The risks of further increases in healthcare costs are many, but there are also many new technological developments to help organise healthcare much more efficiently. Chronic patients have long had the opportunity to use a smart phone app to run their own checkups rather than visiting the hospital for every checkup. These days, diagnosis and even some surgical procedures can be done remotely. Modern ambulances and helicopters are so advanced that they have become mobile operating rooms in which patients can be stabilised en route, so patients can be transported a much greater distance to the hospital. This makes many hospitals redundant. In addition, many types of medical equipment have become much smaller and much more affordable, so that today even small community clinics can perform the same high-level diagnostics that were once reserved to state-of-the-art hospitals.
New structure of healthcare
In the Netherlands, the National Healthcare Council has recommended a new strategy for reining in the sharp increase in costs of care and preventing the impending shortage of personnel in the sector. A care network of local community clinics, compact core hospitals for acute and scheduled treatments, high-tech ambulances and helicopters, Internet services, care hotels, specialised clinics, centralised labs and scientifically equipped medical centres for complex cases creates a much more efficient infrastructure of facilities and connections.When these plans are implemented, it is the general hospitals and community health care facilities that will see the biggest changes.
"The general hospital becomes core hospital"
The move in the future will be towards a great de-centralisation of the cure, which will allow hospitals to be organised much more efficiently than they are now. Today, many hospital beds are frequently empty, because the average bed time required per person has been halving every ten years for decades now. Even despite a sharp increase in the number of treatments, the total number of bed days in the Netherlands has been cut by 50% in the past 25 years. Many outpatient clinics are only used for part of the day; labs can be much more efficiently set up outside of the actual core hospital, as can the kitchens, the administration, the immunisation and injection clinic, the laundry, the florist and the hairstylist.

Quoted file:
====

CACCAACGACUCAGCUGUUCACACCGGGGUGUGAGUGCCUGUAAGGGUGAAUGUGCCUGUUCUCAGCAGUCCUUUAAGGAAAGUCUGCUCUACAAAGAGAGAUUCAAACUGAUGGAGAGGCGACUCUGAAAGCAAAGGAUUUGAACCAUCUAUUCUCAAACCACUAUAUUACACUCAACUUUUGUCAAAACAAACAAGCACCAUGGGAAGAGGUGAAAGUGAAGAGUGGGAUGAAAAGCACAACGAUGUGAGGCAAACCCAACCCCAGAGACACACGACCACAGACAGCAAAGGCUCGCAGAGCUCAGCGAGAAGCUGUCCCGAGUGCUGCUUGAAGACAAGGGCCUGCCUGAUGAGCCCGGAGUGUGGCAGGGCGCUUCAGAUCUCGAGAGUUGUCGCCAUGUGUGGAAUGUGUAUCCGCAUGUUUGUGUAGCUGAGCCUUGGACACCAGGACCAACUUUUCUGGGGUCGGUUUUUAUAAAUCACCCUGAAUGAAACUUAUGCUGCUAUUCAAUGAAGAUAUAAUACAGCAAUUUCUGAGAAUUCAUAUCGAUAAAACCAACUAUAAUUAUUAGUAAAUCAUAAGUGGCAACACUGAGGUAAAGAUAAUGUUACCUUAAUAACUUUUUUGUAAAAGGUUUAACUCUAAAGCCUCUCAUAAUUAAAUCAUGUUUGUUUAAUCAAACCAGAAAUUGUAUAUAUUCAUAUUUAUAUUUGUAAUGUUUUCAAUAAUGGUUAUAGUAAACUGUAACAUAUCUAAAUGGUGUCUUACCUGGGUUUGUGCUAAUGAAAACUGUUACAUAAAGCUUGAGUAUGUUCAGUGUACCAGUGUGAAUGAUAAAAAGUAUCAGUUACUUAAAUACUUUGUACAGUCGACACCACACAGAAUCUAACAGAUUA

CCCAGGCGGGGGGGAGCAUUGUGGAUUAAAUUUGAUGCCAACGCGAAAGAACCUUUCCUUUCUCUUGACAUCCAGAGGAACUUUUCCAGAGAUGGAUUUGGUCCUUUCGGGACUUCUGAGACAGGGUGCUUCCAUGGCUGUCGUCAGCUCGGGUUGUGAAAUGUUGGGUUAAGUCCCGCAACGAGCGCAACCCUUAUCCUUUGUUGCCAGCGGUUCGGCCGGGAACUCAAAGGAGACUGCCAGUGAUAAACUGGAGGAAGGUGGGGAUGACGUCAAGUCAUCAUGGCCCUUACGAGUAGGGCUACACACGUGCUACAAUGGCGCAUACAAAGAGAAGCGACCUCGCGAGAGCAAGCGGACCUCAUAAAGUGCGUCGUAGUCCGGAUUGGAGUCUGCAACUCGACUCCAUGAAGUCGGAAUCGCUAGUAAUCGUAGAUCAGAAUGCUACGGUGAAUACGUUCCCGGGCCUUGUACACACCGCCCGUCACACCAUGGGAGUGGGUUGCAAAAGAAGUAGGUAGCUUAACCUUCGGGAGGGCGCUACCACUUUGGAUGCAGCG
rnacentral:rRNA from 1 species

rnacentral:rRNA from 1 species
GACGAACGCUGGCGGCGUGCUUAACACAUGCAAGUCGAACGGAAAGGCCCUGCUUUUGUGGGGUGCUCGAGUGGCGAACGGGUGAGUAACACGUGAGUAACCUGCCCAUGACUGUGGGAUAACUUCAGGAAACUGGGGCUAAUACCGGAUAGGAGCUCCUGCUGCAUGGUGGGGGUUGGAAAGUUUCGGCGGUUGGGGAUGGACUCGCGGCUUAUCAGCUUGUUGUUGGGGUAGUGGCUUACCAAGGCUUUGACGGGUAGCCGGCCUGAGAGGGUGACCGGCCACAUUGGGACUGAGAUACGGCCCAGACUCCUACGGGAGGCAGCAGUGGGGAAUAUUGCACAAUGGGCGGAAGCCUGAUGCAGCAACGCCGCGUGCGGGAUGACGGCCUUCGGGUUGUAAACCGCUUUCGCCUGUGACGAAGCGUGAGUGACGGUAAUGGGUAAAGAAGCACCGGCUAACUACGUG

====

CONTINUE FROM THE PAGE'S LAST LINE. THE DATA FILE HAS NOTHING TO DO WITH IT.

Even the core hospital itself can be significantly trimmed down; estimates indicate that it can operate as well with half of its current space. That space must be set up as flexibly as possible, with a high storey height, because the working processes are in a constant state of change with the advancements in medical technology. In addition, it makes sense to put the building in a good place in the city, so that the decentralised facilities can, if possible, be located in the neighbourhood, and where they can also serve clients other than just patients. The low threshold hospital also attracts passers-by with vague symptoms, and can profit from other facilities in the area such as high-frequency public transportation and good hotels and offices.
In a network with other service providers, each can concentrate on their own core business, the things that each organisation is best at. This all creates an extremely flexible and innovative organisation of care, and the patient is better off as well, because at present many hospitals perform certain complex treatments too occasionally to develop a routine in them and to deliver true quality.
First-line care replaced by community clinics